The National Retirement Institute has released the results of a survey showing Americans' knowledge and thoughts on social security entitlement.
The survey, which was conducted by the Harris Poll in April and May and released last month, the survey measured 1,931 U.S. adults aged twenty-five or older.
A Question of Knowledge
The survey, when asking people about their knowledge of social security, found that 43 percent considered themselves either “confident” or “very confident” in their knowledge, a number that rose to 89 percent once “at least somewhat confident” was included.
Once those in the survey were asked about specifics, their knowledge differed.
“Those who currently receive SS are more likely than those who don’t to correctly answer some, but not all, of these statements — especially some of those in the moderate and lowest knowledge topic tiers,” the survey said.
Only 16 percent of adults polled correctly guessed their retirement age based on when they were born. Meanwhile, a little more than half of those surveyed knew what percentage of their income would be replaced in retirement by social security.
Also, only about half of those surveyed knew exactly how to maximize their social security benefits, while less than one in ten knew all of the factors that determine their social security benefits.
The Future of the Program
Furthermore, those surveyed had not a great deal of confidence in the future of social security or that their benefits would be waiting for them by the time they reached the age of eligibility.
While 71 percent total of those surveyed either answered “strongly agree” or “somewhat agree” to the question “I worry about the Social Security program running out of funding in my lifetime”—a number that rose to 83 percent for Gen Xers, and 77 percent for Millennials.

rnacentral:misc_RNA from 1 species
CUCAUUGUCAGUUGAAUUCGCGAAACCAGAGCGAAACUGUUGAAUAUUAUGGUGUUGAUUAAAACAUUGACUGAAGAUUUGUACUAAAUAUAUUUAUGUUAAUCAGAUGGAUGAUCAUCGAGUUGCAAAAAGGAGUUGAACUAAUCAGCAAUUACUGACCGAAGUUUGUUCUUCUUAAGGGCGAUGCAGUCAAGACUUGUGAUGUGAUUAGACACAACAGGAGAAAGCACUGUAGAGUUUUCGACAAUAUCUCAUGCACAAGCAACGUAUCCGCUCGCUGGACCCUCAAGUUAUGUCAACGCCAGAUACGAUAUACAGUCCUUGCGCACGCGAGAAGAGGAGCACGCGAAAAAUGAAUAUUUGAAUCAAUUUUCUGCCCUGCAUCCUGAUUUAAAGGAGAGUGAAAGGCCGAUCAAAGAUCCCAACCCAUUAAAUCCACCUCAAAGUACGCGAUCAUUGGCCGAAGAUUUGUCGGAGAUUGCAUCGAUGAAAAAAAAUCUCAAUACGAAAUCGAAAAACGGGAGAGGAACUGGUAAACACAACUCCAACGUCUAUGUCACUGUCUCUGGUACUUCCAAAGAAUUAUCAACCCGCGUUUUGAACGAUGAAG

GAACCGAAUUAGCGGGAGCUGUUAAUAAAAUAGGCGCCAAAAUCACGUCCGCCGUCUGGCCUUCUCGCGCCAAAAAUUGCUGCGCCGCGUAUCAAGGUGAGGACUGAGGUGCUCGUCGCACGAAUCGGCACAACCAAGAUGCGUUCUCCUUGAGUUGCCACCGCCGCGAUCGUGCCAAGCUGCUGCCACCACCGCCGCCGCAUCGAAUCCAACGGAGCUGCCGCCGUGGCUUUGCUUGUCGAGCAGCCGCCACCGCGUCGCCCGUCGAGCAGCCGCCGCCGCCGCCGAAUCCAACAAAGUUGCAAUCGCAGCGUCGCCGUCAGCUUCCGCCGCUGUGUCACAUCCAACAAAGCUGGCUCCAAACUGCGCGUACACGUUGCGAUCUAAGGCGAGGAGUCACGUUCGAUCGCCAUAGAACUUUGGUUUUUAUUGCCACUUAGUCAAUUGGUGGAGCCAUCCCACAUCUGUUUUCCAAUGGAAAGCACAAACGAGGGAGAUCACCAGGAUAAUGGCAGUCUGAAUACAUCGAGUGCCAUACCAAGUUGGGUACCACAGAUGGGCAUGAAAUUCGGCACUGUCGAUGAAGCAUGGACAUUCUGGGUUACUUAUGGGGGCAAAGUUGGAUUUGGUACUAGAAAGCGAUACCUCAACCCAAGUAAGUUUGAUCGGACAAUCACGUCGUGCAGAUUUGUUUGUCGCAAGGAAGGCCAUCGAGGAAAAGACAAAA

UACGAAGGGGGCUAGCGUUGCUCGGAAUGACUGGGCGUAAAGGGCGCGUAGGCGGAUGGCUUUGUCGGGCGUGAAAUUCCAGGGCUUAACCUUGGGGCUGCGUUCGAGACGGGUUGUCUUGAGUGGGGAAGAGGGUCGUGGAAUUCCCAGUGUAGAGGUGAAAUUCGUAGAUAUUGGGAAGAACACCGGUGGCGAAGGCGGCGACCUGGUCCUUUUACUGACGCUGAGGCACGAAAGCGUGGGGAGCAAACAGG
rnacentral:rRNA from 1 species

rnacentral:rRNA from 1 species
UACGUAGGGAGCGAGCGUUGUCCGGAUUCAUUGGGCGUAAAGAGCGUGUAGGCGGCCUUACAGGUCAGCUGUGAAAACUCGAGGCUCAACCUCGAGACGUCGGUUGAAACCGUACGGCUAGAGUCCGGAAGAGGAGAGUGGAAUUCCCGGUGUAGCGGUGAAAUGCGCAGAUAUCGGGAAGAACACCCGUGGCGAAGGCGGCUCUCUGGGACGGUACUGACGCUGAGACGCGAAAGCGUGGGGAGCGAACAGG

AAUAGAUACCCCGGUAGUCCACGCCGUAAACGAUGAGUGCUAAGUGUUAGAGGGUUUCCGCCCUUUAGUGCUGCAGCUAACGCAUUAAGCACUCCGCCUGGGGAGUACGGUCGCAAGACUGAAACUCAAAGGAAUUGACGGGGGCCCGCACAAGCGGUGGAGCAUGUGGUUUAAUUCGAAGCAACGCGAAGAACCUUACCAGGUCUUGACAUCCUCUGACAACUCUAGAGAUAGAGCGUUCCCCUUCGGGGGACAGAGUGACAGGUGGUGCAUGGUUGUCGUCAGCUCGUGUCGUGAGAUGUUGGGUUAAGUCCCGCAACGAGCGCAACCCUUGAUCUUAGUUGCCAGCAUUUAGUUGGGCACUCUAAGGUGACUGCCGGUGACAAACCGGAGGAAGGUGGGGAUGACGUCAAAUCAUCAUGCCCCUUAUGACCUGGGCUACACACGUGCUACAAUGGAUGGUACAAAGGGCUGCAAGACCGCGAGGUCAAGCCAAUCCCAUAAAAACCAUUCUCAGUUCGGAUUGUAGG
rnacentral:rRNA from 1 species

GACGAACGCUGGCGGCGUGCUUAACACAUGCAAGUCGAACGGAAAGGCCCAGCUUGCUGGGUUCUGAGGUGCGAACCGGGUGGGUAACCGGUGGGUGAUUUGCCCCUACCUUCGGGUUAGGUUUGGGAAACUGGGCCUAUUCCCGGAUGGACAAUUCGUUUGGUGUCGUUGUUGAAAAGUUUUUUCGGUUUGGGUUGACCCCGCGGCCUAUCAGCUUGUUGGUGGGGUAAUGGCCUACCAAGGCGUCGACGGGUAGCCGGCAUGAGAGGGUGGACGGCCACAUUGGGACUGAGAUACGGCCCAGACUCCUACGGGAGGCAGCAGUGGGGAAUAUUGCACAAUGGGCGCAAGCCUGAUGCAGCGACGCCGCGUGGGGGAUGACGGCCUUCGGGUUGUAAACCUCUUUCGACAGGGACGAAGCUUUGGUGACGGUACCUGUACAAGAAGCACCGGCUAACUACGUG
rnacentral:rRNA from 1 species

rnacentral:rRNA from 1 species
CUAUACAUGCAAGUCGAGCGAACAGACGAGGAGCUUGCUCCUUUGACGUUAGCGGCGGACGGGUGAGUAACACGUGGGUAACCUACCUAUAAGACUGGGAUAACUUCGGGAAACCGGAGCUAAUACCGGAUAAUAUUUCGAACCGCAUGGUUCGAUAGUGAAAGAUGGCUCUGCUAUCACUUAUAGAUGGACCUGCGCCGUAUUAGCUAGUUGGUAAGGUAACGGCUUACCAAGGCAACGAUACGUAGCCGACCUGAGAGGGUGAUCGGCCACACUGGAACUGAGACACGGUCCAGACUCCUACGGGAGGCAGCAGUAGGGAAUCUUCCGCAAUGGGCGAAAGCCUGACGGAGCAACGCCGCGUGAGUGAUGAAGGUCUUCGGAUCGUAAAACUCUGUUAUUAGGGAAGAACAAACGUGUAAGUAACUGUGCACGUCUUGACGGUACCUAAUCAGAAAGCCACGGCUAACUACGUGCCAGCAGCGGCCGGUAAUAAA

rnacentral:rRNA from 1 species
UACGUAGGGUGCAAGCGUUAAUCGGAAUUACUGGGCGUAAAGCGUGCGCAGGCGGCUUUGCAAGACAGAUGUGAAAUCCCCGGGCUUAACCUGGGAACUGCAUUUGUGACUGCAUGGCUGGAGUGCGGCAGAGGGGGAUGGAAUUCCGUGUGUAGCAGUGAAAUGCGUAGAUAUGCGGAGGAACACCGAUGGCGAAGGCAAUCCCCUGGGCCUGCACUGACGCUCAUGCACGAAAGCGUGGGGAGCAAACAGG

As for the question of whether they agree with the statement that “I will not get a dime of the Social Security benefits I have earned,” 25 percent agreed in total. That number jumped to 47 precent for millennials.
Even those who do expect to eventually get social security believe that even if they do get benefits, they expect that they will have to continue working-even though most of them believe that they should be able to live on social security alone.
Additionally, those surveyed were also asked what measures should be taken to improve social security, with big majorities saying that they support several measures. “Ensuring SS COLAs are enough to, at minimum,” “keep up with inflation Reinstating SS taxes on people earning more than $400k per year,” and “providing a SS credit to unpaid caregivers” all had support from more than 70 percent of those surveyed.
The Biden administration has announced plans to inject $14.2 billion into the Social Security Administration this fiscal year.
Stephen Silver, a technology writer for the National Interest, is a journalist, essayist and film critic, who is also a contributor to The Philadelphia Inquirer, Philly Voice, Philadelphia Weekly, the Jewish Telegraphic Agency, Living Life Fearless, Backstage magazine, Broad Street Review and Splice Today. The co-founder of the Philadelphia Film Critics Circle, Stephen lives in suburban Philadelphia with his wife and two sons. Follow him on Twitter at @StephenSilver.